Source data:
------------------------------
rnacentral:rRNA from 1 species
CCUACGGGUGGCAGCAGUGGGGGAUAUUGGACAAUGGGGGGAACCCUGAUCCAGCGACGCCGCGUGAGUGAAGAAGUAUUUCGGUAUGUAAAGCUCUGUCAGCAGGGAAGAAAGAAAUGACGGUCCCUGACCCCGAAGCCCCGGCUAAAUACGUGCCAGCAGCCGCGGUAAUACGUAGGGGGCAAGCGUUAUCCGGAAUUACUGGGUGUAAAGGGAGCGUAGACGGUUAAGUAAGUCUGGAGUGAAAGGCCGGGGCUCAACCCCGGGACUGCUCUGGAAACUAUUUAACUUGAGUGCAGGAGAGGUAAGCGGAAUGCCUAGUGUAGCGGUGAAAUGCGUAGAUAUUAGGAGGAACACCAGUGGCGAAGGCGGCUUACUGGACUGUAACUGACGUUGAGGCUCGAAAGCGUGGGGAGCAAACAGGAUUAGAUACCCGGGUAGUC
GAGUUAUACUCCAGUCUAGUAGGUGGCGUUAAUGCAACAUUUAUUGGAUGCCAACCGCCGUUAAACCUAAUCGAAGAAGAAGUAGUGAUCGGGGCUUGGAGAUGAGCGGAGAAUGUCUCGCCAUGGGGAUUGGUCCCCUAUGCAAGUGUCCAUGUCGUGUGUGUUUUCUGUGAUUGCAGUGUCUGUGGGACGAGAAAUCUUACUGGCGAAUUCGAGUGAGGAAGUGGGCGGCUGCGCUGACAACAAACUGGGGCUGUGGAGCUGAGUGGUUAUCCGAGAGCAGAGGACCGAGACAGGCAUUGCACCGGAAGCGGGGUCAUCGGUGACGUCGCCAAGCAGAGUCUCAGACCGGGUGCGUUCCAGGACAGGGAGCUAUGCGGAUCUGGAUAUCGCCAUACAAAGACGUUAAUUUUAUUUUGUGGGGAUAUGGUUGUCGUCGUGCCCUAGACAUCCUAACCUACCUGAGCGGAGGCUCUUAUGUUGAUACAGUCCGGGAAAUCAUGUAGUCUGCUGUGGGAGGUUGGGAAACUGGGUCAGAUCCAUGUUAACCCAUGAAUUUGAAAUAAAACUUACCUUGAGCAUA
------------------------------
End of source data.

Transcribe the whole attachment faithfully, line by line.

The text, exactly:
rnacentral:rRNA from 1 species
CCUACGGGUGGCAGCAGUGGGGGAUAUUGGACAAUGGGGGGAACCCUGAUCCAGCGACGCCGCGUGAGUGAAGAAGUAUUUCGGUAUGUAAAGCUCUGUCAGCAGGGAAGAAAGAAAUGACGGUCCCUGACCCCGAAGCCCCGGCUAAAUACGUGCCAGCAGCCGCGGUAAUACGUAGGGGGCAAGCGUUAUCCGGAAUUACUGGGUGUAAAGGGAGCGUAGACGGUUAAGUAAGUCUGGAGUGAAAGGCCGGGGCUCAACCCCGGGACUGCUCUGGAAACUAUUUAACUUGAGUGCAGGAGAGGUAAGCGGAAUGCCUAGUGUAGCGGUGAAAUGCGUAGAUAUUAGGAGGAACACCAGUGGCGAAGGCGGCUUACUGGACUGUAACUGACGUUGAGGCUCGAAAGCGUGGGGAGCAAACAGGAUUAGAUACCCGGGUAGUC
GAGUUAUACUCCAGUCUAGUAGGUGGCGUUAAUGCAACAUUUAUUGGAUGCCAACCGCCGUUAAACCUAAUCGAAGAAGAAGUAGUGAUCGGGGCUUGGAGAUGAGCGGAGAAUGUCUCGCCAUGGGGAUUGGUCCCCUAUGCAAGUGUCCAUGUCGUGUGUGUUUUCUGUGAUUGCAGUGUCUGUGGGACGAGAAAUCUUACUGGCGAAUUCGAGUGAGGAAGUGGGCGGCUGCGCUGACAACAAACUGGGGCUGUGGAGCUGAGUGGUUAUCCGAGAGCAGAGGACCGAGACAGGCAUUGCACCGGAAGCGGGGUCAUCGGUGACGUCGCCAAGCAGAGUCUCAGACCGGGUGCGUUCCAGGACAGGGAGCUAUGCGGAUCUGGAUAUCGCCAUACAAAGACGUUAAUUUUAUUUUGUGGGGAUAUGGUUGUCGUCGUGCCCUAGACAUCCUAACCUACCUGAGCGGAGGCUCUUAUGUUGAUACAGUCCGGGAAAUCAUGUAGUCUGCUGUGGGAGGUUGGGAAACUGGGUCAGAUCCAUGUUAACCCAUGAAUUUGAAAUAAAACUUACCUUGAGCAUA